With the world’s population expected to reach 9 billion in 2050 and a changing climate putting even more pressure on vulnerable families, food security is an issue that is here to stay.

How you can help

ChildFund’s programs in more than 60 countries address food security head on by partnering with communities to develop sustainable solutions.

Donate to ChildFund today to help create a secure future for children.

The Include a Charity campaign, which is supported by dozens of not-for-profit organisations, aims to encourage more people to leave a charitable gift in their Will, and increase the positive impact we can make as individuals on society.

Research conducted by the Fundraising Institute of Australia shows that the number of Australians leaving gifts in their Wills increased from 7.9 per cent in 2016 to 11 per cent in 2019. To build on this progress, every year the campaign provides important information and guidance on how to leave a lasting legacy during Include a Charity Week (7 – 13 September). 

Read on to learn why gifts in Wills matter for charitable organisations, and the positive impact you can make for future generations.

What is Include a Charity Week?

Include a Charity Week is an annual social change campaign, initiated by the Fundraising Institute of Australia (FIA). The aim of the annual observance is to encourage more Australians to leave a gift in their Will to a charity of their choice, increasing the funds invested in Australia’s non-profit sector, and the impact member organisations can make. 

The campaign relies entirely on the involvement of its charity members, which run their own awareness activities leading up to and during Include a Charity Week. Together, Include a Charity members use this opportunity to raise public awareness of gifts in Wills, and the important difference a legacy can make.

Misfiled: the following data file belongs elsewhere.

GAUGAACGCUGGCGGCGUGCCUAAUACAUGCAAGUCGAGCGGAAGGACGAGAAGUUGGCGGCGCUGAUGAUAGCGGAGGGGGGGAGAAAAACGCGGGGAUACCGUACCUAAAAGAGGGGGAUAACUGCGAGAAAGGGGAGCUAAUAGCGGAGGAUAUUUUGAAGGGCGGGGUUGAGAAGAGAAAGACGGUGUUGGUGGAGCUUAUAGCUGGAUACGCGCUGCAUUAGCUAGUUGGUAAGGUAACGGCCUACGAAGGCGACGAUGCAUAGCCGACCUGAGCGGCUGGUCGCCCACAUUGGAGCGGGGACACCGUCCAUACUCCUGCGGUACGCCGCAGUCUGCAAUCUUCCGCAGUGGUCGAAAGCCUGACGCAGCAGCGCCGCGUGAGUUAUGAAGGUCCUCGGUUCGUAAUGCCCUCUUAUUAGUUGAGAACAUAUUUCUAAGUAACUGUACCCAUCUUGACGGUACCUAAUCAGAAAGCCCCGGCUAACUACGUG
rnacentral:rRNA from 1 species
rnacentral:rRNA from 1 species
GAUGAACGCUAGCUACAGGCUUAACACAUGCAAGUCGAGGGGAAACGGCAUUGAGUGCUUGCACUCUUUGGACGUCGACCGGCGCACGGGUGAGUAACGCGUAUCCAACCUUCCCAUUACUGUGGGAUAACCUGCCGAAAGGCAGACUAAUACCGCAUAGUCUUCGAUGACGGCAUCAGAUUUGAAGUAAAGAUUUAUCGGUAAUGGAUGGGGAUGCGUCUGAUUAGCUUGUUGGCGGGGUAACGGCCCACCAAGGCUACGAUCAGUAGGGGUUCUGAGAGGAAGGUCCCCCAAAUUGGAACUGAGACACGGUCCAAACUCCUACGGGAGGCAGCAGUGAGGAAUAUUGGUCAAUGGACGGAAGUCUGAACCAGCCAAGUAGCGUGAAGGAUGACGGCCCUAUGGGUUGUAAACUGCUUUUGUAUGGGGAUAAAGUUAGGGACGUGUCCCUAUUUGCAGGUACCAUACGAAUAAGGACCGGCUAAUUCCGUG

What is a charitable gift left in your Will?

A gift left to a charity in your will is simply that, a gift to your chosen charitable organisation. It is a dollar amount of your choice, bequeathed to a charity whose work you admire. 

You don’t need to be wealthy to leave a gift in your Will. A donation of any amount supports the work of the beneficiary organisation into the future.

What does it mean to leave a donation to charity as a gift in your Will?

It’s time to change the way we think about Will-making. Your Will is your legacy. Of course, every Australian wants to ensure that their loved ones are taken care of, but after you’ve provided for your family and friends you have the opportunity to make a lasting difference in the world

Think about the world you’ve lived in, and how you’d like the world to be in the future. A gift to a charity in your Will is an opportunity to express your wishes for that future, and to support organisations who are working towards realising that dream. 

Did you know that much of charities’ vital income comes from those who leave a charitable gift in their Will? Your legacy contributes towards a reliable and sustainable source of income, which enables organisations like ChildFund Australia to continue its vital work.

How can you support a cause or charity you care about during Include a Charity Week?

We are asking all Australians to take the time to consider leaving a gift in their Will, of any size, to a charity that supports a cause they care about. 

This week is a timely opportunity to start the conversation, do some research, and carefully consider the legacy you’d like to leave for future generations. 

For valuable guidance on including a charitable gift in your Will, visit www.includeacharity.com.au. And if you are considering leaving a gift to ChildFund Australia, learn more about naming us as a beneficiary and get in touch with our staff if you have further questions.